Our nerdy little hearts are thrumming like the Millennium Falcon kicking into hyper drive as we count down to Star Wars VII: The Force Awakens epic opening December 18. To share our excitement as we wait, two members of our Nerd Squad—Word Nerd and the Scarlet Pencil—have agreed to share their, um…creative…theories about the movie with you and let the rest of us get back to watching the Funny or Die Star Wars Christmas Special. While there are no true spoilers here, be forewarned. They may actually stumble upon something that could be true. Even a stopped clock is right twice a day.


Could anyone have possibly missed that the last Jedi has only been spotted as a robotic hand reaching out to R2D2 from beneath a cape? Otherwise, he’s nowhere—not on the posters or in the trailers or even available as a Funko POP.


R2-D2 and Luke Skywalker

He’s gone to the Dark Side:

There’s going to be a big reveal with Luke, something that any sort of art would ruin. Having him go to the Dark Side would be gasp-inducing and reminiscent of “Luke I am your father” in Empire Strikes Back. The symmetry would be perfect and it would set in motion a conflict that lives at the very heart of the Jedi—does absolute power corrupt absolutely? Besides, Luke as a hero was bland and we all know how well Mark Hammill now does villains.

In the most fan-service move ever, he’s the new Obi-Wan:

Most of the plot to The Force Awakens is probably going to be a journey by our new young heroes to find Luke. After the craziness of the last six films, caused in large part by people finagling with The Force, Luke has probably isolated himself on some mysterious planet in an attempt to let all memory of the Jedi and the Sith fade into history (which is why Han tells Finn and Rey that “it’s all true” to gasps in the trailer). Nobody knows where he is, but everybody hopes that finding his lightsaber will help make his locations and motivations clear.


Let’s face it; Star Wars has been a family story from the very beginning. But who is related to whom (besides Luke and Leia)?

It’s all relative:


Sana Starros

The two bright young things (Finn and Rey) in the new movie are extremely reminiscent of two other fledgling warriors from long, long ago. One raised in the Empire, the other among the Rebellion in the outer planets. Of course, the genders are a little different than they were in A New Hope, but I propose that Leia and Han got together and had Rey—who wasn’t raised to know her parents. So where does Finn come in? Well, according to Marvel’s Star Wars comic that has been accepted as canon, Han had a wife named Sana Starros. I submit that Finn is his son from that marriage and being the space cowboy that he is, he had no idea he was a father.

Not everyone is related:

Fans are expecting the “It’s like poetry, it rhymes” rule to apply to the new movies—meaning that everyone has to be related, and there needs to be at least one set of twins. What if the title of The Force Awakens is referring to the fact that new people are going to be Force-sensitive, without being related to the Skywalkers, like Finn and Poe Dameron? If there has to be a set of twins, it’ll be Kylo Ren and Rey (they have alliterative names), but it wouldn’t be surprising to have the relationships we expect end up as red herrings.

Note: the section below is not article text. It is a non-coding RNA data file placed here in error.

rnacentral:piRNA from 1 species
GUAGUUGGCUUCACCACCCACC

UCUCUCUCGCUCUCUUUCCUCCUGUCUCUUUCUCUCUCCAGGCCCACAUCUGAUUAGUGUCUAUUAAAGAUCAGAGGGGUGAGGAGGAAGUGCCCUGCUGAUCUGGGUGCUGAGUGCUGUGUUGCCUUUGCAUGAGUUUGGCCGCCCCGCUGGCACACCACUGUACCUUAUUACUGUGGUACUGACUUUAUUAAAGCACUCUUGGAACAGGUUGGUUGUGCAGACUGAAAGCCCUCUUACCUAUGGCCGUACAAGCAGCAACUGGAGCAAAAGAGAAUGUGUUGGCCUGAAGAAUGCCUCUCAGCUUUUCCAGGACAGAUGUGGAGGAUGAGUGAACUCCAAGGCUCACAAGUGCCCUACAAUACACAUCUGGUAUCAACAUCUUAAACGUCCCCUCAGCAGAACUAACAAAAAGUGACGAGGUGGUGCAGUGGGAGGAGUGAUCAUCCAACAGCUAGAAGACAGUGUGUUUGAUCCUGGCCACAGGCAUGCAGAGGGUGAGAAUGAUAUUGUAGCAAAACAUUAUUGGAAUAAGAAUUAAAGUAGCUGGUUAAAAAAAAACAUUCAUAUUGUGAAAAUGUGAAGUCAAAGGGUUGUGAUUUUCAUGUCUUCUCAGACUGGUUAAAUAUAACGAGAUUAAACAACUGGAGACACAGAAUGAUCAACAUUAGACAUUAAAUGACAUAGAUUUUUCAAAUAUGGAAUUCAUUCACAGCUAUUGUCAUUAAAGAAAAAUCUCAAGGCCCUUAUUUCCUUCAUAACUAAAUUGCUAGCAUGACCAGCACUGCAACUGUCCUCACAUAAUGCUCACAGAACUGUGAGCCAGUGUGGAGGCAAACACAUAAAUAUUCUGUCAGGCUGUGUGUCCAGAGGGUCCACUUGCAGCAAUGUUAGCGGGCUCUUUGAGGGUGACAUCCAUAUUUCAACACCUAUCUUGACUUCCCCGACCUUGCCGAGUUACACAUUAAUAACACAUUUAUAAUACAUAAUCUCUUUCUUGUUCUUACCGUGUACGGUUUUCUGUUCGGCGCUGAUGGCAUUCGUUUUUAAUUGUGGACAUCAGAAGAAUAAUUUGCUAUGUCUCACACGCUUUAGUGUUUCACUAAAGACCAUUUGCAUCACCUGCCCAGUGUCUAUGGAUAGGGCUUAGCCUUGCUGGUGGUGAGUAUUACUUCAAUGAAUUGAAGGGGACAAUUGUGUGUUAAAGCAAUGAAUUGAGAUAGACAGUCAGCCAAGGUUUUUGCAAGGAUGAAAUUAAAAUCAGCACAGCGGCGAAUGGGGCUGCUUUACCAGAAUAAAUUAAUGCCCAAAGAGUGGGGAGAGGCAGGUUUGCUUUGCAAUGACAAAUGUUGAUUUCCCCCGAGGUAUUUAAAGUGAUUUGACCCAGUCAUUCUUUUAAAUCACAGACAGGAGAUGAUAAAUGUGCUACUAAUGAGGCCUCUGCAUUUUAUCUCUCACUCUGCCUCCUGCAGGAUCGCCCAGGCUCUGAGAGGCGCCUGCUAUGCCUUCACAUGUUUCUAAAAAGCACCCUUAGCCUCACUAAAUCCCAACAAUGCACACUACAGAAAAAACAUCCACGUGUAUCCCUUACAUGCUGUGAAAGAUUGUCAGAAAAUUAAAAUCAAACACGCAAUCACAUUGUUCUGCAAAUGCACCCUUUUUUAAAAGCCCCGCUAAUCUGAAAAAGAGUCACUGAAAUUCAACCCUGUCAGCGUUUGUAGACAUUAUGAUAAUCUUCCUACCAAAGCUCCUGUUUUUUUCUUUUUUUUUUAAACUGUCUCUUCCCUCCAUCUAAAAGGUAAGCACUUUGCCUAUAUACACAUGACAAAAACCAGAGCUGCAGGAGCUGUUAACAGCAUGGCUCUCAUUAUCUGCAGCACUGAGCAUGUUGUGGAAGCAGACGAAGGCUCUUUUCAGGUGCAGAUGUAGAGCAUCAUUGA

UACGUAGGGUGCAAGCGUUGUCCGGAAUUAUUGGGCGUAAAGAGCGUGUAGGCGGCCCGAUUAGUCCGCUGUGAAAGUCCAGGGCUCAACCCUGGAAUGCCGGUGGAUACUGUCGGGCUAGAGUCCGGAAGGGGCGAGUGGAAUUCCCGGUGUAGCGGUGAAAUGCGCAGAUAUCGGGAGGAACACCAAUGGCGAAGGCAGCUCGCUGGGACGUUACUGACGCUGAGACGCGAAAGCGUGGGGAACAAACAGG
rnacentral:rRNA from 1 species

It’s always the Death Star:

So, there’s a Death Star in the background of the official poster (call it “Starkiller Base” all you want, it’s a Death Star). Instead of a traditional Death Star, the new one is going to be somehow incorporated into the icy planet we’ve seen pictures of Kylo Ren looking intimidating on. To be clear, it won’t be a planet-sized space station, but rather a planet that’s been somehow converted into a station that moves around and kills other planets. Additionally, in a totally unsurprising twist, the Death Star is going to survive whatever attack the good guys throw at it, and will blow up a few planets between The Force Awakens and the next movie.

Enough with the Death Stars already:

As good as the original movies were, it was a constant chorus of “Oh, no! A Death Star! How do we blow up a Death Star?” I’d like to think that J.J. Abrams has something more exciting and original up his sleeve. That plotline was straight out of mid-20th century Cold War/Arms Race hysteria—and we all know that science fiction is really about the period in which it’s written. I suspect that the Big Bad this time might be the infiltration of the Knights of Ren and their Sith ideology taking over the outer planets.


George Lucas is behind it all:

After The Force Awakens is wildly successful at the box office, George Lucas will get jealous of J.J. Abrams’s success. He will lure Abrams to the Dark Side with the promise of teaching him how to stop people making fun of his lens flares. With his newfound influence, Lucas will get Abrams to grow an unruly beard, and ruin the last two movies by refocusing the plot on the Gungans and Chewbacca’s extended family.

Returns of the Midi-chlorians:

We will discover that everything is being controlled by the Midi-chlorians who are tired of living in the cells of sentient creatures interpreting The Force. They are poised to take over the galaxy. The day will be saved when Hermoine Granger helps them unionize. Oh, wait. Wrong franchise.